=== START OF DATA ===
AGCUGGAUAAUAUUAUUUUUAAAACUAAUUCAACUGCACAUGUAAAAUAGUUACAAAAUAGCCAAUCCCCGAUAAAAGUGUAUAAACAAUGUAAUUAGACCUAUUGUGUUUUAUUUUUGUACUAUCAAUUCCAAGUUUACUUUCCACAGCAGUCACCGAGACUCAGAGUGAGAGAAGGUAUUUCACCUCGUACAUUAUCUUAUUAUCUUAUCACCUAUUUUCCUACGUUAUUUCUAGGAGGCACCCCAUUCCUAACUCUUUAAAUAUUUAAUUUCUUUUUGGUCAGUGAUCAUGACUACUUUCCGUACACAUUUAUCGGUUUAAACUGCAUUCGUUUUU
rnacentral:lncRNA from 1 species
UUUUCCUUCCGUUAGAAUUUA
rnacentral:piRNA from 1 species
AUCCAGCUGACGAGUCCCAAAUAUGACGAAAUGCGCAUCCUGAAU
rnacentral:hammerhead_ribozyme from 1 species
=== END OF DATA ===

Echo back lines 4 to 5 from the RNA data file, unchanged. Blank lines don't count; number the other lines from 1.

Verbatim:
rnacentral:piRNA from 1 species
AUCCAGCUGACGAGUCCCAAAUAUGACGAAAUGCGCAUCCUGAAU